Probation may be a sentence handed down by a judge in court and is meant to be a second chance for the offender. A part of serving probation is following certain guidelines which may include meeting with a probation officer, attending rehabilitation meetings, fines, court fees and/or community service. The terms are different for each case, but one thing is the same. ALL of the terms must be followed, or the probation is considered to be in violation and the case can end up back in court for resentencing. This is called a motion to revoke probation, or a MTR/MTRP, and an experienced criminal defense attorney can help.
In Texas, there are limited rights in a MTR case. The accused is entitled to a hearing, but this time there will be no jury trial and the court does not have to prove within a reasonable doubt that the probation was violated. Instead, the court looks at the “preponderance of evidence”, or POTE, which means they look at the truth of the evidence and not the amount. One negative claim can change the sentencing completely.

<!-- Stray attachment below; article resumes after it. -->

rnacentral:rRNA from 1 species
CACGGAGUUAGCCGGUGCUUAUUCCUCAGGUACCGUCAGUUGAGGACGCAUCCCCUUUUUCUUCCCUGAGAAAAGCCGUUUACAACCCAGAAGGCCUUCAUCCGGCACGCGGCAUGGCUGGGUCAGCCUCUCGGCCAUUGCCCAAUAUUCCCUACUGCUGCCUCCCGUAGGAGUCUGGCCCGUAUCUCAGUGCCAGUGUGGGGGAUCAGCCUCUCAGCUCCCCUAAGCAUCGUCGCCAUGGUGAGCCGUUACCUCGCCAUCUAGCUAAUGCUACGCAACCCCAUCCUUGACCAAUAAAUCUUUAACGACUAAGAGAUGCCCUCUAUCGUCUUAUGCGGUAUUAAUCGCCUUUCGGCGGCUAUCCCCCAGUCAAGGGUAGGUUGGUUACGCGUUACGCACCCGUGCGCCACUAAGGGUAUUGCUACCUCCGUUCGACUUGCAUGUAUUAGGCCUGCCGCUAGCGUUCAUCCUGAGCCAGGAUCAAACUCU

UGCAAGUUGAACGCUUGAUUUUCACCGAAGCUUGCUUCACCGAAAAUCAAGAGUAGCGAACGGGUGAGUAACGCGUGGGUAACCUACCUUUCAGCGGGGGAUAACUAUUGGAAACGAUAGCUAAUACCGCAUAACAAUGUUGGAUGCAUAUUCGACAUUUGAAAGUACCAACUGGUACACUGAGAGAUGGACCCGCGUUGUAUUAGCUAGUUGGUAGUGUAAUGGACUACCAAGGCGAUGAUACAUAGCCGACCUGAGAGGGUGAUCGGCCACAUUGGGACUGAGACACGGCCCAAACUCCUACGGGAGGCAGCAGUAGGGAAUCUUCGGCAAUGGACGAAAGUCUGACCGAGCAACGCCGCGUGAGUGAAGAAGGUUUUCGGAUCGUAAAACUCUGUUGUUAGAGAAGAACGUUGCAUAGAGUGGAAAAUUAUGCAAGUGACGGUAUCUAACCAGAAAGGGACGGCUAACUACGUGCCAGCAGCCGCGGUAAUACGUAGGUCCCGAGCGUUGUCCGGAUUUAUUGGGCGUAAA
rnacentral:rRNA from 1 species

The simple truth is that probation is not for everyone. Some offenders find it easier to stick with the original sentencing even if that includes jail or prison time. Regardless, we have laws for a reason and punishments for those who choose to not follow those laws. If the probation is violated, whatever the circumstances may be, contact a lawyer immediately. A criminal defense lawyer can explain the ins and outs of a motion to revoke probation case.